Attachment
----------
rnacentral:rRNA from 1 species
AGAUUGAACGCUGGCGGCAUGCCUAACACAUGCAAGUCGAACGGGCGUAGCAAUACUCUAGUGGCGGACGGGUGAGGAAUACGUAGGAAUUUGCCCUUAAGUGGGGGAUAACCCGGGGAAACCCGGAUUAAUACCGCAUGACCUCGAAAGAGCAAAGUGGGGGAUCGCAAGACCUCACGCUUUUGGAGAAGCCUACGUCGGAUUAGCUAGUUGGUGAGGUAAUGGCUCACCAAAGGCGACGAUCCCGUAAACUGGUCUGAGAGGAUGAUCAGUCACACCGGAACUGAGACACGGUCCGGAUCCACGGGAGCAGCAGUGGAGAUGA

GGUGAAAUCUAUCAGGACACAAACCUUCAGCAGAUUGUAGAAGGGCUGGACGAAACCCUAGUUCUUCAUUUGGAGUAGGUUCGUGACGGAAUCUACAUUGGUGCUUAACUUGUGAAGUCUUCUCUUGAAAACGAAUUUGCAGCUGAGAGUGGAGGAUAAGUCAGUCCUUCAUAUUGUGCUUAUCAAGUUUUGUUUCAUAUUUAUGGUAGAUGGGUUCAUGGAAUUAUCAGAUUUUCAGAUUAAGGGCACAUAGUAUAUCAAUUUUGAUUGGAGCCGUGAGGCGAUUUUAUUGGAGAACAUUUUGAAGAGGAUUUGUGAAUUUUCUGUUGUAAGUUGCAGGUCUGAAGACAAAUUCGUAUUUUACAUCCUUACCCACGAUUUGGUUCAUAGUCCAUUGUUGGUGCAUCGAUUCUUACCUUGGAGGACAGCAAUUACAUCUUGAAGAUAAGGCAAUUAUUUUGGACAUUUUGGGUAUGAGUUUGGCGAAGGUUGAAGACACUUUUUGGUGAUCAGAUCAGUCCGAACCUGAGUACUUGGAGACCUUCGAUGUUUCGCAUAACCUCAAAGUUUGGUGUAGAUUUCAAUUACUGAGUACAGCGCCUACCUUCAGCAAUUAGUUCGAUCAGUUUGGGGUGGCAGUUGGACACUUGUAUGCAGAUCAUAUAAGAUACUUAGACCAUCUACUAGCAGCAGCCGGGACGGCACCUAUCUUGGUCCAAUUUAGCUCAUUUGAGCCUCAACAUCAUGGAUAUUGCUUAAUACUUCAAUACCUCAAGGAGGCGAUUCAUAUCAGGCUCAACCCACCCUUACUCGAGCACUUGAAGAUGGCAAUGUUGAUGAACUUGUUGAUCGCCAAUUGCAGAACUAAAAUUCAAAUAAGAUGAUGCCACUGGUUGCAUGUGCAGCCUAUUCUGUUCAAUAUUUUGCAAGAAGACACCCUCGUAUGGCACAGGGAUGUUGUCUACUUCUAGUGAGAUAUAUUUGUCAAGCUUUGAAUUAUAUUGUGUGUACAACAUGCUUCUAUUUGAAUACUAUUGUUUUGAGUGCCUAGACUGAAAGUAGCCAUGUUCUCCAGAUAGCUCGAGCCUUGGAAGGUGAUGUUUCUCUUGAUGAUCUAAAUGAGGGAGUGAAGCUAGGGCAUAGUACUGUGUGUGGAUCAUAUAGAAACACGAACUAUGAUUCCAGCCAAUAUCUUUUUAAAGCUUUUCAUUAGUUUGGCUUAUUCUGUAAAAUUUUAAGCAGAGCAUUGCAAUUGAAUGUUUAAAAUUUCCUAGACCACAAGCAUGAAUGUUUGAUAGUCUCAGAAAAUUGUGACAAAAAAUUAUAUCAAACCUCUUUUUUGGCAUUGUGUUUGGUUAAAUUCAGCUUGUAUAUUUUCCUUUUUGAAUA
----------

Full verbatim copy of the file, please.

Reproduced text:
rnacentral:rRNA from 1 species
AGAUUGAACGCUGGCGGCAUGCCUAACACAUGCAAGUCGAACGGGCGUAGCAAUACUCUAGUGGCGGACGGGUGAGGAAUACGUAGGAAUUUGCCCUUAAGUGGGGGAUAACCCGGGGAAACCCGGAUUAAUACCGCAUGACCUCGAAAGAGCAAAGUGGGGGAUCGCAAGACCUCACGCUUUUGGAGAAGCCUACGUCGGAUUAGCUAGUUGGUGAGGUAAUGGCUCACCAAAGGCGACGAUCCCGUAAACUGGUCUGAGAGGAUGAUCAGUCACACCGGAACUGAGACACGGUCCGGAUCCACGGGAGCAGCAGUGGAGAUGA

GGUGAAAUCUAUCAGGACACAAACCUUCAGCAGAUUGUAGAAGGGCUGGACGAAACCCUAGUUCUUCAUUUGGAGUAGGUUCGUGACGGAAUCUACAUUGGUGCUUAACUUGUGAAGUCUUCUCUUGAAAACGAAUUUGCAGCUGAGAGUGGAGGAUAAGUCAGUCCUUCAUAUUGUGCUUAUCAAGUUUUGUUUCAUAUUUAUGGUAGAUGGGUUCAUGGAAUUAUCAGAUUUUCAGAUUAAGGGCACAUAGUAUAUCAAUUUUGAUUGGAGCCGUGAGGCGAUUUUAUUGGAGAACAUUUUGAAGAGGAUUUGUGAAUUUUCUGUUGUAAGUUGCAGGUCUGAAGACAAAUUCGUAUUUUACAUCCUUACCCACGAUUUGGUUCAUAGUCCAUUGUUGGUGCAUCGAUUCUUACCUUGGAGGACAGCAAUUACAUCUUGAAGAUAAGGCAAUUAUUUUGGACAUUUUGGGUAUGAGUUUGGCGAAGGUUGAAGACACUUUUUGGUGAUCAGAUCAGUCCGAACCUGAGUACUUGGAGACCUUCGAUGUUUCGCAUAACCUCAAAGUUUGGUGUAGAUUUCAAUUACUGAGUACAGCGCCUACCUUCAGCAAUUAGUUCGAUCAGUUUGGGGUGGCAGUUGGACACUUGUAUGCAGAUCAUAUAAGAUACUUAGACCAUCUACUAGCAGCAGCCGGGACGGCACCUAUCUUGGUCCAAUUUAGCUCAUUUGAGCCUCAACAUCAUGGAUAUUGCUUAAUACUUCAAUACCUCAAGGAGGCGAUUCAUAUCAGGCUCAACCCACCCUUACUCGAGCACUUGAAGAUGGCAAUGUUGAUGAACUUGUUGAUCGCCAAUUGCAGAACUAAAAUUCAAAUAAGAUGAUGCCACUGGUUGCAUGUGCAGCCUAUUCUGUUCAAUAUUUUGCAAGAAGACACCCUCGUAUGGCACAGGGAUGUUGUCUACUUCUAGUGAGAUAUAUUUGUCAAGCUUUGAAUUAUAUUGUGUGUACAACAUGCUUCUAUUUGAAUACUAUUGUUUUGAGUGCCUAGACUGAAAGUAGCCAUGUUCUCCAGAUAGCUCGAGCCUUGGAAGGUGAUGUUUCUCUUGAUGAUCUAAAUGAGGGAGUGAAGCUAGGGCAUAGUACUGUGUGUGGAUCAUAUAGAAACACGAACUAUGAUUCCAGCCAAUAUCUUUUUAAAGCUUUUCAUUAGUUUGGCUUAUUCUGUAAAAUUUUAAGCAGAGCAUUGCAAUUGAAUGUUUAAAAUUUCCUAGACCACAAGCAUGAAUGUUUGAUAGUCUCAGAAAAUUGUGACAAAAAAUUAUAUCAAACCUCUUUUUUGGCAUUGUGUUUGGUUAAAUUCAGCUUGUAUAUUUUCCUUUUUGAAUA